The trading away of Vokoun signals that Washington is ready to proceed with Michal Neuvirth and Holtby as their top goaltenders. Since Neuvirth has battled some injuries, it has opened the door for Holtby to take over as the top goaltender. Since neither goalie has claimed the top position yet, it will be a battle in training camp to determine who will start out on top. Regardless, both are very talented, young goalies with fantasy relevance. On defense, the Caps still have a strong young mix in Mike Green (RFA), Carlson (RFA), Orlov, and Karl Alzner. Roman Hamrlik, Schultz, and Erskine bring some veteran leadership to the mix, with Hamrlik also occupying top four minutes from time to time. They might take a hit with Wideman gone, but they have enough talent to make up for it, just as long as everyone gets under contract and stays healthy. On offense, the Caps are almost certain to lose Semin, which drastically changes the makeup of this team. Alex Ovechkin, Nicklas Backstrom, Ribeiro, Brooks Laich, Wolski, and Marcus Johansson should make up the top six, with guys like Troy Brouwer, Joel Ward, and Johansson fighting for time up there as well. Ribeiro certainly brings some skill into the mix, but this squad is starting to look more like a one-line team than it has in quite some time.
Winnipeg Jets - Signed Ondrej Pavelec to a five-year contract; Signed Olli Jokinen to a two-year contract; Signed Al Montoya, Mark Dekanich, Ben Maxwell, Alex Ponikarovsky, and Kyle Wellwood to one-year contracts.
The biggest priority for Winnipeg was to lock up Pavelec, and they did just that. Next in line was to secure some goaltending depth, which they did by signing Montoya and Dekanich, two very promising goaltenders. Montoya has the edge on Dekanich for the backup role, but Dekanich is eager to prove that last season’s injury riddled campaign was a fluke. The competition should ultimately produce a very solid backup for the Jets. At forward, the additions of Jokinen and Ponikarovsky give this team a growing list of players who have seen better days, but it is possible they could provide some depth scoring. Last season’s top line of Andrew Ladd-Bryan Little-Blake Wheeler remains intact, and Jokinen will almost certainly center the second line, which may consist of some combination of Alexander Burmistrov, Evander Kane (RFA), Nik Antropov, and Ponikarovsky.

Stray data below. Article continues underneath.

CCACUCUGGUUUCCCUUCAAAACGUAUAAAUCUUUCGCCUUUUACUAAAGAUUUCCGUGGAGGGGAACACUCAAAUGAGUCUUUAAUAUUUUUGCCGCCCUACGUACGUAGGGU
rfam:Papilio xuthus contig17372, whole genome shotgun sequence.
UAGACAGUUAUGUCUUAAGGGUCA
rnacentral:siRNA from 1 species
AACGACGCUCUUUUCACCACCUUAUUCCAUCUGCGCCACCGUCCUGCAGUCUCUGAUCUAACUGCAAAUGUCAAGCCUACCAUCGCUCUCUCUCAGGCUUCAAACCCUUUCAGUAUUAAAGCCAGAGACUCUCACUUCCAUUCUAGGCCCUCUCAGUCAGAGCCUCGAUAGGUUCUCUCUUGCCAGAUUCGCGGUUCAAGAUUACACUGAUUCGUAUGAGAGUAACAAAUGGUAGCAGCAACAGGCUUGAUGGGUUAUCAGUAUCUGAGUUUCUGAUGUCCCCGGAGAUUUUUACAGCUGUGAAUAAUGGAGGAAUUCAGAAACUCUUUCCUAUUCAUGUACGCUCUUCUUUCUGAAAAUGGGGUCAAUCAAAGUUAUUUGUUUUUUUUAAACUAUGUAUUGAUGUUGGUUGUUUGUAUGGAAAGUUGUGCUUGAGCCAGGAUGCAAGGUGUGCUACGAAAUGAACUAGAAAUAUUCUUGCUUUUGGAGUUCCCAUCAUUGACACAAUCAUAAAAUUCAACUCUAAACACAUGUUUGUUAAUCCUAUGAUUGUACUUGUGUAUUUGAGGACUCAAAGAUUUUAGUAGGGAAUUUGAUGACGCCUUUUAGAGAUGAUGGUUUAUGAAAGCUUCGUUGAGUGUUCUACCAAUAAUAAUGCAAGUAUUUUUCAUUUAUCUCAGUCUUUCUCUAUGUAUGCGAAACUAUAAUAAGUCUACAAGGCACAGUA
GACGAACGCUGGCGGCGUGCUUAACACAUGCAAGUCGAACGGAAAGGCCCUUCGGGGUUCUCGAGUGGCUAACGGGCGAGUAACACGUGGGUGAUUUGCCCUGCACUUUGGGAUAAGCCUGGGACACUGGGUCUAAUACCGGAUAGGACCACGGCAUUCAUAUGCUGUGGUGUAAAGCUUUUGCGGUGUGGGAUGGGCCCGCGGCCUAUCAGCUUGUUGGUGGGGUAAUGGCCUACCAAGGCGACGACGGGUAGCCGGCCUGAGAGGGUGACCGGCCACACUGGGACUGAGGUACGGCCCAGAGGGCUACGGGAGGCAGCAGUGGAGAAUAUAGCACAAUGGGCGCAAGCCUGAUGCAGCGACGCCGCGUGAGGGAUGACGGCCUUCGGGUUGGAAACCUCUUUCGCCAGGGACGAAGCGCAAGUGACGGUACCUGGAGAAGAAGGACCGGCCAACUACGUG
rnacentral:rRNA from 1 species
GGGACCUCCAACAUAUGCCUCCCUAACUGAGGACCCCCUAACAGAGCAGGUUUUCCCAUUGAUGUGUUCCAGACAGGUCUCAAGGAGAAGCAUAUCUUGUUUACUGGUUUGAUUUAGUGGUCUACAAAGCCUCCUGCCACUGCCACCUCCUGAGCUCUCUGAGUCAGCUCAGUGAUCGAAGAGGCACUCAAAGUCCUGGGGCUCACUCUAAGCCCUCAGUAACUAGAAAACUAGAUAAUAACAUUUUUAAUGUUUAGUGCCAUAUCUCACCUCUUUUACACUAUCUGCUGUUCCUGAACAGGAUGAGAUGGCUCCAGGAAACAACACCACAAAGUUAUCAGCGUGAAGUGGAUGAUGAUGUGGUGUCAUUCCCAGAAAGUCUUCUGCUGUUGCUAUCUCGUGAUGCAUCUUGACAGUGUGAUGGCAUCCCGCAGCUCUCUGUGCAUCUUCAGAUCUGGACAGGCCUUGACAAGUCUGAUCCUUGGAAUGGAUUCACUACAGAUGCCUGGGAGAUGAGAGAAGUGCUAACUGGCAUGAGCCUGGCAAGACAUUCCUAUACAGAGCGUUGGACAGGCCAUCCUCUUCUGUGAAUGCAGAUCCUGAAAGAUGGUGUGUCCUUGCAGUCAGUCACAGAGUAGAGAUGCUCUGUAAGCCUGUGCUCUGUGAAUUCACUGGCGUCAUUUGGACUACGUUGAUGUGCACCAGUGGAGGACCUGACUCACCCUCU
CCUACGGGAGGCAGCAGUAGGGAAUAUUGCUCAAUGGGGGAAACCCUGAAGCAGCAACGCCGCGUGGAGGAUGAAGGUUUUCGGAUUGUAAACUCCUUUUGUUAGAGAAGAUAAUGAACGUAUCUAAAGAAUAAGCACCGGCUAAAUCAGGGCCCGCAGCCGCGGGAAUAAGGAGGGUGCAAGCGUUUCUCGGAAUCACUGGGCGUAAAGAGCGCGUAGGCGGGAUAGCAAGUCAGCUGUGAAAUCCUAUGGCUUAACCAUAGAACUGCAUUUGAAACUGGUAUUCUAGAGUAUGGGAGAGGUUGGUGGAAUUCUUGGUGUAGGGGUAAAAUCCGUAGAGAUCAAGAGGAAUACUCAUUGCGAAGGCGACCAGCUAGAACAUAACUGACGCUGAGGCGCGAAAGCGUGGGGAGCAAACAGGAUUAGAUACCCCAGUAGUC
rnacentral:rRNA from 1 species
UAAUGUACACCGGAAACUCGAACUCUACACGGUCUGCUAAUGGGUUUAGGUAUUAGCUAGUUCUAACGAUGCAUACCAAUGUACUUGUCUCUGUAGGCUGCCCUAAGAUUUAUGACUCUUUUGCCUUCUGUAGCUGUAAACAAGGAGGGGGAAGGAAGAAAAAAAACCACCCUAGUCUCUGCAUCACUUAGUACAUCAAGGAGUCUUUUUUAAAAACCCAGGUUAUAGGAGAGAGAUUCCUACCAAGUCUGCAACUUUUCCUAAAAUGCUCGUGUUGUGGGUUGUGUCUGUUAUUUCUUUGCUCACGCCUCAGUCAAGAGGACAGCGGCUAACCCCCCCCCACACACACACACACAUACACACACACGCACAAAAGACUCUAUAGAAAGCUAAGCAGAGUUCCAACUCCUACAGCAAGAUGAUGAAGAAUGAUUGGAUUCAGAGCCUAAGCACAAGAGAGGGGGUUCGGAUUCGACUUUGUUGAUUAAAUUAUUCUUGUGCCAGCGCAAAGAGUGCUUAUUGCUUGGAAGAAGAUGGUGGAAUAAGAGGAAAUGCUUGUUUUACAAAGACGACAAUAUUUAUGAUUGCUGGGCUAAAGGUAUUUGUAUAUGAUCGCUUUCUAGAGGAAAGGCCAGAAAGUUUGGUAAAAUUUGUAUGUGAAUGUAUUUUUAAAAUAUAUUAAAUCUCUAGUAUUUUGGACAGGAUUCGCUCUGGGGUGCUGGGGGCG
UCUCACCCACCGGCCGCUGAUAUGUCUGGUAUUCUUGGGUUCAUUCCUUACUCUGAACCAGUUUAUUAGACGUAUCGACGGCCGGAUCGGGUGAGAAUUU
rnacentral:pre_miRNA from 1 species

There are rumors that Kane does not want to return to Winnipeg, so it will be interesting to see how that process unfolds and what type of return they can get if the sides cannot reach an agreement. If Burmistrov can manage to stay in the top-six, he is primed for a breakout campaign, but if he stays on the third line, his production will continue to be limited. At defense, nothing changes from last season as Byfuglien, Tobias Enstrom, Zach Bogosian, and Ron Hainsey occupy the top four, followed by Grant Clitsome and Stuart. Bogosian looked much more comfortable in Winnipeg than he ever did in Atlanta (evidenced by a career-high 30 points), and he will look to improve upon that performance. He has even gone on record showing his approval of Winnipeg’s offseason moves, something he never would have done in Atlanta. Perhaps he is finally ready to break out.